Caring

Good

Updated 24 June 2019

We rated caring as Good because:

Kindness, respect and compassion

Staff treated patients with kindness, respect and compassion.

  • Staff understood patients’ personal, cultural, social and religious needs. They displayed an understanding and non-judgmental attitude to all patients.
  • Arrangements were in place for a chaperone to be available, if requested.
  • The service gave patients timely support and information.
  • Feedback from patients through CQC comments cards was positive about the way staff treated people with patients describing staff as friendly, considerate and caring.
  • The service had collected patient feedback between the period April 2018 to April 2019 and received 65 responses. Outcomes showed that 100% of patients had confidence and trust in the healthcare professional and 100% of patients felt involved in the decision making regarding their care and treatment.

Involvement in decisions about care and treatment

Staff helped patients to be involved in decisions about care and treatment.

  • The service gave patients clear and comprehensive information to help them make informed choices, including the cost of services.
  • The service had access to formal interpretation services for patients who did not have English as a first language and British Sign Language (BSL) interpreters. Staff also spoke other languages which included Italian and the Arabic language.

Privacy and Dignity

The service respected patients’ privacy and dignity.

  • Staff we spoke with recognised the importance of people’s dignity and respect.
  • There were arrangements to ensure confidentiality at the reception desk.
  • There were systems in place to ensure that all patient information was stored and kept confidential.
  • All staff had received information governance training.
  • Staff knew that if patients wanted to discuss sensitive issues or appeared distressed they could offer them a private room to discuss their needs.

Responsive

Good

Updated 24 June 2019

Responding to and meeting people’s needs

The service organised and delivered services to meet patients’ needs. It took account of patient needs and preferences.

  • The facilities and premises were appropriate for the services being delivered. Feedback from patients through CQC comments cards indicated that patients thought the clinic was a pleasant environment and was clean and hygienic.
  • The provider understood the needs of their patients and improved services in response to those needs.
  • Patient security had been considered and there was a door buzzer-controlled entry system. Patients presented to the receptionist on the ground floor and waited in a waiting room visible from the reception area. Refreshments were available. All patients were collected in person from the waiting room.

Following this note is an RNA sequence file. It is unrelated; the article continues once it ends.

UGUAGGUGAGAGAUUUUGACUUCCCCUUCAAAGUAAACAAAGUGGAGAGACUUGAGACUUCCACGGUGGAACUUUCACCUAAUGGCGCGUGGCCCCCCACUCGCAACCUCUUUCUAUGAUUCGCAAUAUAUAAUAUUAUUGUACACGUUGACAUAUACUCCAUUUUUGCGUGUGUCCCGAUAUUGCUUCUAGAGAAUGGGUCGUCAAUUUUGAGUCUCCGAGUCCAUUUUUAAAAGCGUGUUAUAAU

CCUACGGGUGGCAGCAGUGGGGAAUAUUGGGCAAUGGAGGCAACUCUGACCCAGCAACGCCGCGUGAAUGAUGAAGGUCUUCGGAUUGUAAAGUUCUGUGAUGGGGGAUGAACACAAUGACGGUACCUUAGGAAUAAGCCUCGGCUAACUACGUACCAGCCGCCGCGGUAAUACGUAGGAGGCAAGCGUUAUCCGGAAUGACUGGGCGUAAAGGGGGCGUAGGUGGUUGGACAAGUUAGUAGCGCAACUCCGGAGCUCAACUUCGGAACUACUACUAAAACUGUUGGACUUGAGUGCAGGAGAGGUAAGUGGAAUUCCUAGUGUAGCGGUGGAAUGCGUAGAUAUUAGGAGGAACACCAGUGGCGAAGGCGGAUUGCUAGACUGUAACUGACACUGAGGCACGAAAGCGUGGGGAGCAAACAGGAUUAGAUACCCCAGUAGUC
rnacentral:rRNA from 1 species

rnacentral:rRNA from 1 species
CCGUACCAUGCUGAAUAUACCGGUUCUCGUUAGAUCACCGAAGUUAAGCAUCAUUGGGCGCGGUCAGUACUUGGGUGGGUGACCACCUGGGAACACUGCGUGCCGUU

• Reasonable adjustments had been made so that people in vulnerable circumstances could access and use services on an equal basis to others. There was ramp access to the premises and accessible toilet facilities on the ground floor. A lift was available to the first and second floor occupied by the provider.

Timely access to the service

Patients were able to access care and treatment from the service within an appropriate timescale for their needs.

  • Patients had timely access to consultations. Appointments were available on a pre-bookable basis on Monday to Friday 9am to 8pm.

Listening and learning from concerns and complaints

The service took complaints and concerns seriously and responded to them appropriately to improve the quality of care.

  • The service had complaint policy and procedures in place which included timescales for acknowledging and responding to complaints with investigation outcomes. The centre manager was the designated responsible person to handle all complaints.
  • The service had recorded one complaint in the last year which we reviewed and found it had been satisfactorily handled in a timely manner. We saw that staff treated patients who made complaints compassionately.
  • The service had a system in place to record verbal complaints.
  • The service informed patients of any further action that may be available to them should they not be satisfied with the response to their complaint.

Well-led

Good

Updated 24 June 2019

Leadership capacity and capability;

Leaders had the capacity and skills to deliver high-quality, sustainable care.

  • The lead consultant, business manager and centre manager we spoke with were knowledgeable about issues and priorities relating to the quality and future of services.
  • The service consistent of a small team and staff at all levels told us the success of the service was a result of the whole team. Everyone was important in the delivery of the service.

Vision and strategy